According to Aeberhard, the Highly Autonomous Driving prototype is a natural progression from a production 5-Series that’s already capable of self-steering to stay inside its own lane, self-braking in emergencies, maintaining distances with radar cruise and controlling its throttle and braking in start-stop traffic conditions.

“This is a technology study that we started in 2011,” he said.

“We wanted to learn what technologies we needed to drive autonomously on highways and we surprised a few people internally by realising this goal with a lot of production parts.”

The Highly Autonomous Driving prototype can brake, accelerate and overtake on its own, in unfailing compliance with the road rules, and even backs off slightly where slip roads join the highway to allow space for merging traffic.

“We have already clocked up around 10,000 test kilometres, so this research vehicle can operate fluidly in road traffic without attracting attention.

“The Differential GPS is a key because normal GPS has time-of-flight principal, but with errors, but so is ConnectedDrive, because it delivers any changes to the road conditions or infrastructure to the car in real time.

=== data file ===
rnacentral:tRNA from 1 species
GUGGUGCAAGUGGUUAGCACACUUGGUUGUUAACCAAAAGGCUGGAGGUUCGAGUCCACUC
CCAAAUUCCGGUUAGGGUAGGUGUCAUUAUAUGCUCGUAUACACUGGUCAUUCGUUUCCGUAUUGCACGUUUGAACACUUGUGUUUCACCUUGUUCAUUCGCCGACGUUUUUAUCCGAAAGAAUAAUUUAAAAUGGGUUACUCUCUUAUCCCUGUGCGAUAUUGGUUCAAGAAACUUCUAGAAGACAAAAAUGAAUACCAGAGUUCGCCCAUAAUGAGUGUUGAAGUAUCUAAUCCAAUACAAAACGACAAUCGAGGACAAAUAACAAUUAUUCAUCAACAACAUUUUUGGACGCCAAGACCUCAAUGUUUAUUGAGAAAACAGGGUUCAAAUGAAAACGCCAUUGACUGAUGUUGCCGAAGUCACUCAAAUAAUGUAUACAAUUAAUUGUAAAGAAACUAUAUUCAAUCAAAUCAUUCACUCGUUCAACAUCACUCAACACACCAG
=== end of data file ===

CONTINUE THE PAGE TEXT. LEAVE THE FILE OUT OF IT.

“With normal GPS, you take the position from the satellite through an atmospheric link. This is more accurate because it uses the web and accelerometers as well, and fixed objects collected as data, like road sensors or signs.

“That’s only going to be more accurate as Galileo (the European-owned GPS system) and the Russian GPS come on stream as well. We can work with all three satellite systems, plus the Differential systems.

“So we combine this accuracy with the ability to detect cars and trucks 150 to 200 metres ahead. We can detect lane markings up to 80 metres ahead and from there draw a digital map so the car has an accurate view of the road signs and markings.”

The core idea and internal technology for the Highly Automated Driving prototype came from BMW’s earlier TrackTrainer and its Emergency Stop Assistant, and it’s difficult to imagine two more diverse core philosophies.

The TrackTrainer was developed to autonomously lap racetracks within a handful of second of pro-driver speeds, teaching people the correct racing lines, braking points and throttle pick-up points. The entire BMW board was sent around the Nurburgring’s Nordschleife in the TrackTrainer and reportedly came away impressed, but visibly shaken. The Emergency Stop Assistant, on the other hand, was developed to stop the car safely and quickly if the driver is suddenly incapacitated with, for example, a heart attack.

The next step in development for Group Forschung und Technik is stretching its German motorway prowess across Europe, which will mean stopping for toll gates and roadworks and even more accurate navigation mapping. It signed a two-year joint agreement with key technical supplier, Continental, in January this year to fit a fleet of prototypes with near-production versions of this car’s technology.

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Published : Thursday, 6 June 2013